On 13 October 2023, the US Securities and Exchange Commission (SEC) adopted new rule 10c-1a under the Securities Exchange Act of 1934. The new rule is intended to shine light on the securities lending market by providing the SEC with detailed information about most securities loans and making public, including to boards of trustees who oversee registered funds that engage in securities lending, sufficient information about such loans and Loan Rates (defined below) that they may evaluate the fairness of the loans in which funds engage.

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SEC Adopts Amendments to Beneficial Ownership Reporting

By: Jennifer Gonzalez, Trayne Wheeler, and Megan Clement

On 10 October 2023, the SEC adopted amendments to beneficial ownership reporting requirements under Sections 13(d) and 13(g) of the Securities Exchange Act of 1934. The amendments shorten deadlines for Schedule 13D and 13G filers, clarify Schedule 13D disclosure requirements for derivatives, and require filers to use machine readable data language.

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U.S. Congressional Hearing on Oversight of SEC’s Division of Investment Management

By: Megan Clement

On 19 September, U.S. Congress’ Sub-Committee on Capital Markets held a hearing on oversight of the SEC’s Division of Investment Management during which Director William Birdthistle testified on various SEC proposed rules affecting investment funds and advisers.

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Amendments to the Names Rule

By: Abigail Hemnes, George Zornada, Franklin Na, Donela M. Qirjazi and Christine Mikhael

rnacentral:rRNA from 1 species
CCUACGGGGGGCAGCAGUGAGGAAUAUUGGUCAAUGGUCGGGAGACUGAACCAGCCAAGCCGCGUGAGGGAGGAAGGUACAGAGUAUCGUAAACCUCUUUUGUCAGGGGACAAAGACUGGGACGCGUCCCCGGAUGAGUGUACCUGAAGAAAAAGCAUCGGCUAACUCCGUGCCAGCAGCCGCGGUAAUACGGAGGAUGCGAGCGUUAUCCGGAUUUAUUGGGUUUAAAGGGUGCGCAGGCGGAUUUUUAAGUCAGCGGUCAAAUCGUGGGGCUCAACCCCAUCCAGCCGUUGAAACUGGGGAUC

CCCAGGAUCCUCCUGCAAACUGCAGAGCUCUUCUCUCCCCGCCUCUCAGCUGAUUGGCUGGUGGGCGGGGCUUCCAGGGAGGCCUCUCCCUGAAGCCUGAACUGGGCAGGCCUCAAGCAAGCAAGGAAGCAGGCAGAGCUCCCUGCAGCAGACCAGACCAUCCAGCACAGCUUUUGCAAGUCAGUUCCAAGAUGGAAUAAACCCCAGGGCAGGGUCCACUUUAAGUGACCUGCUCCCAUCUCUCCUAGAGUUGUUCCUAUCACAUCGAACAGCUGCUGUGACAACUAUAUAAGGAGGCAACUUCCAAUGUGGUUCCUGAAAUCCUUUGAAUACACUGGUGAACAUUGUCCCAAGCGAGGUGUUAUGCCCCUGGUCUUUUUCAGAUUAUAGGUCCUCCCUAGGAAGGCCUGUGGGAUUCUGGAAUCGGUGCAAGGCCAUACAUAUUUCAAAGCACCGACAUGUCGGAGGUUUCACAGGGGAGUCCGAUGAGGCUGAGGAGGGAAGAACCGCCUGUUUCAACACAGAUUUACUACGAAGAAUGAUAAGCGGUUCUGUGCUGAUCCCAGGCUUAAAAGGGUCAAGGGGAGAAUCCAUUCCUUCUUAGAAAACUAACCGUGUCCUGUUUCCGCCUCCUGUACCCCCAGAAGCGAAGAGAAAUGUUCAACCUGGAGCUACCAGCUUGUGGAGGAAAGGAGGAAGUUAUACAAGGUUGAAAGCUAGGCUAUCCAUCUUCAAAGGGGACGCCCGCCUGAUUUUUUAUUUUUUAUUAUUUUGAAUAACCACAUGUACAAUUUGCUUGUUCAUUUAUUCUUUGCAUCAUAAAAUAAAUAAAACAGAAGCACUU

On 20 September 2023, the SEC adopted amendments to the Names Rule (35d-1) that will significantly expand the Names Rule’s applicability and will require all funds to consider whether changes are required to their names, 80% policies, disclosures, compliance tests, and reporting requirements.

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United States: SEC Charges 11 Firms with Record Retention Violations

By: Neil Smith , Hayley Trahan Liptak and Peter Shanley

For over twenty months, the U.S. Securities and Exchange Commission (SEC) has steadily announced settled orders against broker-dealers and investment advisers for failure to retain business-related communication.  On 8 August 2023, the SEC released another round of settled orders with 11 firms for violation of Exchange Act Rule 17a-4 for failing to retain off-channel business-related communication.  One dually registered broker-dealer and investment adviser was also charged with violating recordkeeping provisions of the Investment Advisers Act of 1940.  The content of the orders, and the firms involved, show the SEC’s attention may be shifting from wide-spread violations at large institutions to more limited compliance failures at firms of differing sizes. The assessed penalties, although still considerable, are consistent with this shift.

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United States: We’re Not in Kansas Anymore: The SEC Proposes Rules for the Use of Predictive Data Analytics by Broker-Dealers and Investment Advisers

By: Richard Kerr and Matthew Rogers

On July 26, 2023, the Securities and Exchange Commission (“SEC”) proposed new rules (“Proposal”) intended to address certain conflicts of interests associated with the use of “Covered Technology” (defined below) by broker-dealers and investment advisers (“firms”) in investor interactions. If adopted as proposed, firms will be required to (i) identify conflicts of interests when using Covered Technology in interactions with investors, and (ii) adopt policies and procedures to eliminate or neutralize those conflicts of interests.

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SEC Passes New Money Market Fund Rules: Swing Pricing is Out and Mandatory Liquidity Fees are In

By: Max Black, Michael Davalla and Cal Gilmartin

On July 12, 2023 the SEC adopted rules applicable to money market funds (“MMFs”). The new rules change: (i) liquidity thresholds; (ii) liquidity fees and redemption gates; (iii) options for responding to negative interest rate environments; and (iv) reporting obligations. Importantly, the SEC declined to impose swing pricing mechanisms on MMFs depending on their net redemptions. The new rules institute mandatory liquidity fees for institutional prime funds and institutional tax exempt funds.